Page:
ECS Credit payments can be put through by the ECS User only through his / her bank (known as the Sponsor bank). ECS Credits are afforded to the beneficiary account holders (known as destination account holders) through the beneficiary account holders’ bank (known as the destination bank). The beneficiary account holders are required to give mandates to the user institutions to enable them to afford credit to their bank accounts through the ECS Credit mechanism.
Q.5. How does the ECS Credit Scheme work?
Ans : The User intending to effect payments through ECS Credit has to submit details of the beneficiaries (like name, bank / branch / account number of the beneficiary, MICR code of the destination bank branch, etc.), date on which credit is to be afforded to the beneficiaries, etc., in a specified format (called the input file) through its sponsor bank to one of the ECS Centres where it is registered as a User.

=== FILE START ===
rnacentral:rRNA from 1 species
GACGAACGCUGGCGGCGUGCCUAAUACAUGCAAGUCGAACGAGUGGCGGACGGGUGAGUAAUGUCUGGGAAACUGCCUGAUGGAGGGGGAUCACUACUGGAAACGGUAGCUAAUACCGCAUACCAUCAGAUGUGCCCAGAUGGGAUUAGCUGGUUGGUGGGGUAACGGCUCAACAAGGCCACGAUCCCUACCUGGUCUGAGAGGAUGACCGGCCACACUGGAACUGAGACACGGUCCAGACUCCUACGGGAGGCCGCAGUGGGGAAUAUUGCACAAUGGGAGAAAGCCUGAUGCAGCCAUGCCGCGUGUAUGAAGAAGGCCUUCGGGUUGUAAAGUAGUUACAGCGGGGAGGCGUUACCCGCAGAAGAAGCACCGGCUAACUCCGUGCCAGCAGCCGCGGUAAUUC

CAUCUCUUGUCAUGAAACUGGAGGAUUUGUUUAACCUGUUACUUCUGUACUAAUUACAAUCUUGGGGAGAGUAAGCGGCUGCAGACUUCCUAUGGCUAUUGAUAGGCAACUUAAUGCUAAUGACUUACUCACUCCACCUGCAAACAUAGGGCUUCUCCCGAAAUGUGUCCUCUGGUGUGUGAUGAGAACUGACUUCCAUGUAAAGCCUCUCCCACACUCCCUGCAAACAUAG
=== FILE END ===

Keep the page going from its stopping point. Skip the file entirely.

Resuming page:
The bank managing the ECS Centre then debits the account of the sponsor bank on the scheduled settlement day and credits the accounts of the destination banks, for onward credit to the accounts of the ultimate beneficiaries with the destination bank branches.
Q.6. What is a MICR Code?
Ans : MICR is an acronym for Magnetic Ink Character Recognition. The MICR Code is a numeric code that uniquely identifies a bank-branch participating in the ECS Credit scheme. This is a 9 digit code to identify the location of the bank branch; the first 3 characters represent the city, the next 3 the bank and the last 3 the branch. The MICR Code allotted to a bank branch is printed on the MICR band of cheques issued by bank branches.
Q.7. How does a beneficiary participate in ECS Credit Scheme?
Ans : The beneficiary has to furnish a mandate to the user institution giving consent to avail the ECS Credit facility. The mandate contains details of his / her bank branch, account particulars and authorises the user institution to afford credit to his / her account with the destination bank branch.
Q.8. Is it necessary for user institutions to collect the mandates from beneficiaries?